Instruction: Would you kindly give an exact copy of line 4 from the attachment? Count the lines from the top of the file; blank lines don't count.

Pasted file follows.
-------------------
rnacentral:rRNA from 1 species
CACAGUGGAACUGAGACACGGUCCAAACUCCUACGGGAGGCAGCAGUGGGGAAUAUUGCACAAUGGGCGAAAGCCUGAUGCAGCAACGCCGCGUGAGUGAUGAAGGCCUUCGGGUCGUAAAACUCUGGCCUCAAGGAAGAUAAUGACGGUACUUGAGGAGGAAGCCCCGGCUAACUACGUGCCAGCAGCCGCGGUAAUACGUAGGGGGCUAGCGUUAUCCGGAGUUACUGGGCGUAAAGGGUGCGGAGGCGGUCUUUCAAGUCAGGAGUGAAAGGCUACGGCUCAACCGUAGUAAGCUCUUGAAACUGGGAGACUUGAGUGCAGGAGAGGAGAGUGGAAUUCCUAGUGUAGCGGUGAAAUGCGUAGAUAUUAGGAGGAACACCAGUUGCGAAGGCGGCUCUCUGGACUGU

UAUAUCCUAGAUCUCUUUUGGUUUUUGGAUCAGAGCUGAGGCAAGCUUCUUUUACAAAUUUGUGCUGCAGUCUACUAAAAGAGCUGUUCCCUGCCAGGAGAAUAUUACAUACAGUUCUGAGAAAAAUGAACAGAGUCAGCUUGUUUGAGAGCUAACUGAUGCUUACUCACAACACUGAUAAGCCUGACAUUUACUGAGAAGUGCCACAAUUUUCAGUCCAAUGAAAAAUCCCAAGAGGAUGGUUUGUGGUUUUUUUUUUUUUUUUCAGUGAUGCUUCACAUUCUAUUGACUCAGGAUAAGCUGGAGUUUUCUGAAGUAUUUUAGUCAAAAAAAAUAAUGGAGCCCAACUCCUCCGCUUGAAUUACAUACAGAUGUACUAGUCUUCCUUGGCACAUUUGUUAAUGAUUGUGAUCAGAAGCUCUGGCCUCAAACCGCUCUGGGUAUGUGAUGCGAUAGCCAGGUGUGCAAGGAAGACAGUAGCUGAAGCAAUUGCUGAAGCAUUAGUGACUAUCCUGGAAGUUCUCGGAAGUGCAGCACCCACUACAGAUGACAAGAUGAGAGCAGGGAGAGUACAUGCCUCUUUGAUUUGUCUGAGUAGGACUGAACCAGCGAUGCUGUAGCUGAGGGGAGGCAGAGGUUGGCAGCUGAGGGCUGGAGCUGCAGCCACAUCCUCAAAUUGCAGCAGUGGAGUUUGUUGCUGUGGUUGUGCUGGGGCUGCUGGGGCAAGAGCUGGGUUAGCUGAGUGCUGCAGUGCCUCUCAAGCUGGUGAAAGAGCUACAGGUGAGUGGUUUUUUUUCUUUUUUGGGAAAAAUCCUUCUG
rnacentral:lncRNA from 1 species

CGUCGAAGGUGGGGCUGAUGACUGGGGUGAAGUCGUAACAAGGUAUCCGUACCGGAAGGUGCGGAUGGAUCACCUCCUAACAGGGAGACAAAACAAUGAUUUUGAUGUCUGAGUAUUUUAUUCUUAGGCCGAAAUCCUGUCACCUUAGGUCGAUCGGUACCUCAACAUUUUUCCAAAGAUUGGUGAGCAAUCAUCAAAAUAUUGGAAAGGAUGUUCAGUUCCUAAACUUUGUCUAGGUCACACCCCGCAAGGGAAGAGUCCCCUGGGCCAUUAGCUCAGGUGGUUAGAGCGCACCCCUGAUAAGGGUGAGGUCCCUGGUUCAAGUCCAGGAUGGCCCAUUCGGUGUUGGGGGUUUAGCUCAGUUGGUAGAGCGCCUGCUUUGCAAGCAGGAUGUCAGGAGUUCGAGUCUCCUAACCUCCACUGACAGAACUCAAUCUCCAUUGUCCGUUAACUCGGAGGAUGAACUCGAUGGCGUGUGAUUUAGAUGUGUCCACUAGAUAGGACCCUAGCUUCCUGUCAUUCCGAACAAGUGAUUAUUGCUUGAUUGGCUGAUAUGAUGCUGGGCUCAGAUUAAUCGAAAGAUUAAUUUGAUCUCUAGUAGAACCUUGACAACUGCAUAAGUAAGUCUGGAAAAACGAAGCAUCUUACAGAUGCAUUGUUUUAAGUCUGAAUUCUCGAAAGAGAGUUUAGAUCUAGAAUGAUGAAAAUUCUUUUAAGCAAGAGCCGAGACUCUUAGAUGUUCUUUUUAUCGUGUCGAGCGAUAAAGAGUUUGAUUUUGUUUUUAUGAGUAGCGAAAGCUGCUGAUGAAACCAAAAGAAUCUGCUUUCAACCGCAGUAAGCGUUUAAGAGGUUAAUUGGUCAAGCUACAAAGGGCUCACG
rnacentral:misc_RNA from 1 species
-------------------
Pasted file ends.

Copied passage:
rnacentral:lncRNA from 1 species